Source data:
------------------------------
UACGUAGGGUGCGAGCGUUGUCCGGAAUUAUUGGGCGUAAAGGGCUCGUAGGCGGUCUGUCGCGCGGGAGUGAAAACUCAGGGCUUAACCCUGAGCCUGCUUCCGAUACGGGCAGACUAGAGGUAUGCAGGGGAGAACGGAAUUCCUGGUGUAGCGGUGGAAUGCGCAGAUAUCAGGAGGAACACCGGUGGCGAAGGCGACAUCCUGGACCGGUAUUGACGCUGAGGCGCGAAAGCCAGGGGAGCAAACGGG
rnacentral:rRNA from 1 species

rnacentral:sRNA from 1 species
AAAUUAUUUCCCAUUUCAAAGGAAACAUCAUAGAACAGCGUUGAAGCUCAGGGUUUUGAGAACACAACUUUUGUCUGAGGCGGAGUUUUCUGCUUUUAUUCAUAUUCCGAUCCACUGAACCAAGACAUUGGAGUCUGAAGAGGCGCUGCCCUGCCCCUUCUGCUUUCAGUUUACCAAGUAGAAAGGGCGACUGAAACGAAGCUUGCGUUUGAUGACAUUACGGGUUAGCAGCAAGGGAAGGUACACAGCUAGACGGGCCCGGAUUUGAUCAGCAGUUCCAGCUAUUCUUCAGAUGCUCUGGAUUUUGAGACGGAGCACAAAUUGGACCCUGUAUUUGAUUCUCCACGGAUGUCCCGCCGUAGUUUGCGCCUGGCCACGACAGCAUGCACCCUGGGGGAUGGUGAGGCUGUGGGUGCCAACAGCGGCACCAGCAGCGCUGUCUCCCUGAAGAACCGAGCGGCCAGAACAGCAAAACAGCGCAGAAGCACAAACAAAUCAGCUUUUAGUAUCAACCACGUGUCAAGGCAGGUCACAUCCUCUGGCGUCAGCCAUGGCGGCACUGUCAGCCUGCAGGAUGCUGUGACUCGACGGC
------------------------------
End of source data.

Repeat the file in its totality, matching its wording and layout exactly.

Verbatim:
UACGUAGGGUGCGAGCGUUGUCCGGAAUUAUUGGGCGUAAAGGGCUCGUAGGCGGUCUGUCGCGCGGGAGUGAAAACUCAGGGCUUAACCCUGAGCCUGCUUCCGAUACGGGCAGACUAGAGGUAUGCAGGGGAGAACGGAAUUCCUGGUGUAGCGGUGGAAUGCGCAGAUAUCAGGAGGAACACCGGUGGCGAAGGCGACAUCCUGGACCGGUAUUGACGCUGAGGCGCGAAAGCCAGGGGAGCAAACGGG
rnacentral:rRNA from 1 species

rnacentral:sRNA from 1 species
AAAUUAUUUCCCAUUUCAAAGGAAACAUCAUAGAACAGCGUUGAAGCUCAGGGUUUUGAGAACACAACUUUUGUCUGAGGCGGAGUUUUCUGCUUUUAUUCAUAUUCCGAUCCACUGAACCAAGACAUUGGAGUCUGAAGAGGCGCUGCCCUGCCCCUUCUGCUUUCAGUUUACCAAGUAGAAAGGGCGACUGAAACGAAGCUUGCGUUUGAUGACAUUACGGGUUAGCAGCAAGGGAAGGUACACAGCUAGACGGGCCCGGAUUUGAUCAGCAGUUCCAGCUAUUCUUCAGAUGCUCUGGAUUUUGAGACGGAGCACAAAUUGGACCCUGUAUUUGAUUCUCCACGGAUGUCCCGCCGUAGUUUGCGCCUGGCCACGACAGCAUGCACCCUGGGGGAUGGUGAGGCUGUGGGUGCCAACAGCGGCACCAGCAGCGCUGUCUCCCUGAAGAACCGAGCGGCCAGAACAGCAAAACAGCGCAGAAGCACAAACAAAUCAGCUUUUAGUAUCAACCACGUGUCAAGGCAGGUCACAUCCUCUGGCGUCAGCCAUGGCGGCACUGUCAGCCUGCAGGAUGCUGUGACUCGACGGC